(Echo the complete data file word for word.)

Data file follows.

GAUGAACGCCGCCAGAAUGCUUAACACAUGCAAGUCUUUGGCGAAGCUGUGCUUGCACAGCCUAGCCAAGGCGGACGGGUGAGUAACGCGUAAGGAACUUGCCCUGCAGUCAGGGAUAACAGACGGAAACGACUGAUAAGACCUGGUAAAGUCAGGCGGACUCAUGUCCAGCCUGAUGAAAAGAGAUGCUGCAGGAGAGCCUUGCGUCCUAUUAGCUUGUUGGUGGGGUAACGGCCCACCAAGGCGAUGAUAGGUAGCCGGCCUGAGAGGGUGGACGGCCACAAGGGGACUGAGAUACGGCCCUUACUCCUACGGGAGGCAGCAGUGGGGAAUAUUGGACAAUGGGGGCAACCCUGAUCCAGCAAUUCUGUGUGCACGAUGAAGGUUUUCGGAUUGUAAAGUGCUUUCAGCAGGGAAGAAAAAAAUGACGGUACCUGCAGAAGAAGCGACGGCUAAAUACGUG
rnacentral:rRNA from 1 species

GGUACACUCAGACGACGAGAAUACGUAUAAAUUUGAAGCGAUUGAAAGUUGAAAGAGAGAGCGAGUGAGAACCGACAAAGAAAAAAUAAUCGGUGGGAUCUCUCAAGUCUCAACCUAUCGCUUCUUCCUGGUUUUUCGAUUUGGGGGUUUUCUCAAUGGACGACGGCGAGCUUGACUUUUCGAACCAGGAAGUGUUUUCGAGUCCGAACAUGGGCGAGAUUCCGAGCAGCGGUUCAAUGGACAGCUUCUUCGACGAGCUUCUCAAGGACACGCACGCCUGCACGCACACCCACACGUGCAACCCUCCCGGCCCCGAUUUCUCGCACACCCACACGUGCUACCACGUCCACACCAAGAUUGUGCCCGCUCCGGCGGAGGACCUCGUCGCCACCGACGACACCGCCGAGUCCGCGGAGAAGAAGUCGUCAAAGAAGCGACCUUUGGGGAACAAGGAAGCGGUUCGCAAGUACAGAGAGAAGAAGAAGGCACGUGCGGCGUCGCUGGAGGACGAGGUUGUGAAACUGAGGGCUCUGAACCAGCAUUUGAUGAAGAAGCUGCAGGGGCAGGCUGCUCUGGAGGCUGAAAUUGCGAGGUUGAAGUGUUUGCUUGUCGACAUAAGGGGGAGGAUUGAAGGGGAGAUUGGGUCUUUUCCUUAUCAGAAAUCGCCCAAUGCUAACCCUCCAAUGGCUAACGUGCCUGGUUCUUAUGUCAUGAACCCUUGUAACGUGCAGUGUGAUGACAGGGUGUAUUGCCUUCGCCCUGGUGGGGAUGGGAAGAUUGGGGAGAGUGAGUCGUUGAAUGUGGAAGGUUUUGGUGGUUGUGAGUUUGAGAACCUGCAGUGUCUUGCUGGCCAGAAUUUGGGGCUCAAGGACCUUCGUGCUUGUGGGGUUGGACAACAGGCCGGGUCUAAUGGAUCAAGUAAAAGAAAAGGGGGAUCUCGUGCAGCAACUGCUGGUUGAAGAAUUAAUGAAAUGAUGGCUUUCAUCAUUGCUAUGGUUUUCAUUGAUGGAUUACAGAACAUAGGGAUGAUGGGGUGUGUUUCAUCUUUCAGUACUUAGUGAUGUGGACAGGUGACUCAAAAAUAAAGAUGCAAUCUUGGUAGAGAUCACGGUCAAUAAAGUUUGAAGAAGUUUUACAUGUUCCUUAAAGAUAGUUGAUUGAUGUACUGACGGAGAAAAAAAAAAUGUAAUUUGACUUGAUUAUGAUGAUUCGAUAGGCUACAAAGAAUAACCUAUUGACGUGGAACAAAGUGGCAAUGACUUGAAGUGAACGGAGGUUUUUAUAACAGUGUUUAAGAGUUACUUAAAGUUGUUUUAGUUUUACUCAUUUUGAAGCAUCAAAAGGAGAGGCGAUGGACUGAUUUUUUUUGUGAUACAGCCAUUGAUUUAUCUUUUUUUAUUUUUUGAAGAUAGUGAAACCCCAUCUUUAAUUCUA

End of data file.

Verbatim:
GAUGAACGCCGCCAGAAUGCUUAACACAUGCAAGUCUUUGGCGAAGCUGUGCUUGCACAGCCUAGCCAAGGCGGACGGGUGAGUAACGCGUAAGGAACUUGCCCUGCAGUCAGGGAUAACAGACGGAAACGACUGAUAAGACCUGGUAAAGUCAGGCGGACUCAUGUCCAGCCUGAUGAAAAGAGAUGCUGCAGGAGAGCCUUGCGUCCUAUUAGCUUGUUGGUGGGGUAACGGCCCACCAAGGCGAUGAUAGGUAGCCGGCCUGAGAGGGUGGACGGCCACAAGGGGACUGAGAUACGGCCCUUACUCCUACGGGAGGCAGCAGUGGGGAAUAUUGGACAAUGGGGGCAACCCUGAUCCAGCAAUUCUGUGUGCACGAUGAAGGUUUUCGGAUUGUAAAGUGCUUUCAGCAGGGAAGAAAAAAAUGACGGUACCUGCAGAAGAAGCGACGGCUAAAUACGUG
rnacentral:rRNA from 1 species

GGUACACUCAGACGACGAGAAUACGUAUAAAUUUGAAGCGAUUGAAAGUUGAAAGAGAGAGCGAGUGAGAACCGACAAAGAAAAAAUAAUCGGUGGGAUCUCUCAAGUCUCAACCUAUCGCUUCUUCCUGGUUUUUCGAUUUGGGGGUUUUCUCAAUGGACGACGGCGAGCUUGACUUUUCGAACCAGGAAGUGUUUUCGAGUCCGAACAUGGGCGAGAUUCCGAGCAGCGGUUCAAUGGACAGCUUCUUCGACGAGCUUCUCAAGGACACGCACGCCUGCACGCACACCCACACGUGCAACCCUCCCGGCCCCGAUUUCUCGCACACCCACACGUGCUACCACGUCCACACCAAGAUUGUGCCCGCUCCGGCGGAGGACCUCGUCGCCACCGACGACACCGCCGAGUCCGCGGAGAAGAAGUCGUCAAAGAAGCGACCUUUGGGGAACAAGGAAGCGGUUCGCAAGUACAGAGAGAAGAAGAAGGCACGUGCGGCGUCGCUGGAGGACGAGGUUGUGAAACUGAGGGCUCUGAACCAGCAUUUGAUGAAGAAGCUGCAGGGGCAGGCUGCUCUGGAGGCUGAAAUUGCGAGGUUGAAGUGUUUGCUUGUCGACAUAAGGGGGAGGAUUGAAGGGGAGAUUGGGUCUUUUCCUUAUCAGAAAUCGCCCAAUGCUAACCCUCCAAUGGCUAACGUGCCUGGUUCUUAUGUCAUGAACCCUUGUAACGUGCAGUGUGAUGACAGGGUGUAUUGCCUUCGCCCUGGUGGGGAUGGGAAGAUUGGGGAGAGUGAGUCGUUGAAUGUGGAAGGUUUUGGUGGUUGUGAGUUUGAGAACCUGCAGUGUCUUGCUGGCCAGAAUUUGGGGCUCAAGGACCUUCGUGCUUGUGGGGUUGGACAACAGGCCGGGUCUAAUGGAUCAAGUAAAAGAAAAGGGGGAUCUCGUGCAGCAACUGCUGGUUGAAGAAUUAAUGAAAUGAUGGCUUUCAUCAUUGCUAUGGUUUUCAUUGAUGGAUUACAGAACAUAGGGAUGAUGGGGUGUGUUUCAUCUUUCAGUACUUAGUGAUGUGGACAGGUGACUCAAAAAUAAAGAUGCAAUCUUGGUAGAGAUCACGGUCAAUAAAGUUUGAAGAAGUUUUACAUGUUCCUUAAAGAUAGUUGAUUGAUGUACUGACGGAGAAAAAAAAAAUGUAAUUUGACUUGAUUAUGAUGAUUCGAUAGGCUACAAAGAAUAACCUAUUGACGUGGAACAAAGUGGCAAUGACUUGAAGUGAACGGAGGUUUUUAUAACAGUGUUUAAGAGUUACUUAAAGUUGUUUUAGUUUUACUCAUUUUGAAGCAUCAAAAGGAGAGGCGAUGGACUGAUUUUUUUUGUGAUACAGCCAUUGAUUUAUCUUUUUUUAUUUUUUGAAGAUAGUGAAACCCCAUCUUUAAUUCUA